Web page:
7. The first book that shocked me: We Need to Talk About Kevin (by Lionel Shriver) was one of the first serious “issues” books I read that really shocked me, definitely made me think and encouraged me to read more novels outside of my comfort zone, especially novels inspired by real-life events. It also got me thinking a lot about human psychology and sparked an interest in that field that would continue for some time. Basically, by the end of this book I was pretty much:


8. The book that got me into reading again: Throughout my late teens and college years I definitely stopped reading as much as I did when I was younger, the reading bug had left me somewhere between the “required reading list” and the “recommended reading list”. I spent so much time reading textbooks and academic papers that even the thought of reading “for fun” just wasn’t fun anymore. The first series I picked up when I graduated in 2012 was 50 Shades of Grey, most likely because of the media hype that was surrounding the books. This was my first journey into erotica, as well as being the series that reawakened the Book Geek within.

50 shades of grey gif

9. The book that introduced me to historical fiction: Before reading this series I definitely would have considered historical fiction to be a major snooze-fest. I became hooked to the BBC TV show first and then discovered it was based on a series of books called The White Queen (by Phillipa Gregory). I snapped up the entire series and devoured them. Not only am I far more open to historical fiction but I’ve discovered I now have an interest in history in general, who knew?

10. The book that got me into dystopian/fantasy novels: Once I found the Book People I was buying series and collections by the box-load (literally) and this is when I came across The Hunger Games. Fantasy and dystopian novels were entirely new to me and I very quickly became addicted. I read the three books in four days and quickly moved on to The Mortal Instruments and Divergent, I’m am always on the lookout for a good dystopian or fantasy read, so feel free to recommend!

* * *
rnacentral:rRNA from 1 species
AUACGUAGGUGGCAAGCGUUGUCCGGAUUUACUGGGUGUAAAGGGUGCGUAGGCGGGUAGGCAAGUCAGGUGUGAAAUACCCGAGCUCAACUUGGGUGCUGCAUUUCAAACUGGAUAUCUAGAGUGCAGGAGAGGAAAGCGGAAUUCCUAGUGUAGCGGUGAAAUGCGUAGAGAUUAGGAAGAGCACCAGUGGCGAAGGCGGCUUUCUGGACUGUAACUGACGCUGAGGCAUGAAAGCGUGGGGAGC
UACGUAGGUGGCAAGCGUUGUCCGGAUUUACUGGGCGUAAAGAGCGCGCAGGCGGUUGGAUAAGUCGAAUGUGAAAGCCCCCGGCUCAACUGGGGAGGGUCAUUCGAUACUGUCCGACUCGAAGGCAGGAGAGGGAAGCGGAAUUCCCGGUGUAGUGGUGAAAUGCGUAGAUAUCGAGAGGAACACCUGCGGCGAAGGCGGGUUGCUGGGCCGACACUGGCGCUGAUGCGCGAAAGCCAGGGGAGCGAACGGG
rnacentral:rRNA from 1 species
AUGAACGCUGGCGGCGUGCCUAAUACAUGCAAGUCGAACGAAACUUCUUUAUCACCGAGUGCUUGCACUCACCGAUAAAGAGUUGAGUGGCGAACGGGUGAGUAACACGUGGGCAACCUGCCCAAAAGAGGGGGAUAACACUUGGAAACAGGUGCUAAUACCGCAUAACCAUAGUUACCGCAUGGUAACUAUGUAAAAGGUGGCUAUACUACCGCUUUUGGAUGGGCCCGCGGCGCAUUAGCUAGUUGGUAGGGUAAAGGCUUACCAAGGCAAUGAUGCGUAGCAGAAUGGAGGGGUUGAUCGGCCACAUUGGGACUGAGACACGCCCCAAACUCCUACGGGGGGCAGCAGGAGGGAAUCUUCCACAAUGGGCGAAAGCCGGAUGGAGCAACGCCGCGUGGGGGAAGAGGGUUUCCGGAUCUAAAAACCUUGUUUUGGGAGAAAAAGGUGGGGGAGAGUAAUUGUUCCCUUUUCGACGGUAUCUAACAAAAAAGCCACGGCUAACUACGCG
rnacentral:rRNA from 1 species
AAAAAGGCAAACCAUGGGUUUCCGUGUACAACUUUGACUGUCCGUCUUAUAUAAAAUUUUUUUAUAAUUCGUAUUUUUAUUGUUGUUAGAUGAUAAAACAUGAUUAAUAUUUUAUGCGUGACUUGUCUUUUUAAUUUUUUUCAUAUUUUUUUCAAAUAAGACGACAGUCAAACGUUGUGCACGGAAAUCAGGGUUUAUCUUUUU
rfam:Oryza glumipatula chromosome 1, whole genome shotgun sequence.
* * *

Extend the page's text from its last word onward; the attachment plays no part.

About Rachel

Avid reader & #bookblogger. Lover of all things business. A fan of drinks & dancing. Ever optimistic. Feminist.

19 Responses

  1. I still haven’t read We Need to Talk About Kevin (even though I have a copy of it on my bookshelf), but I LOVE the film and it really did shock me (and did so even during rewatches) so I’m thinking the book might be even more of an experience.

    Liked by 1 person

      1. I don’t even remember Chicken Soup being that popular (at least it wasn’t extremely popular here). I’m just more-so surprised at people remembering the book than anything else!


  2. Lottie

    Great post! I really want to read Noughts & Crosses, and I definitely need to check out some Philippa Gregory books! Roald Dahl and Jacqueline Wilson were favourites of mine as a child also. 🙂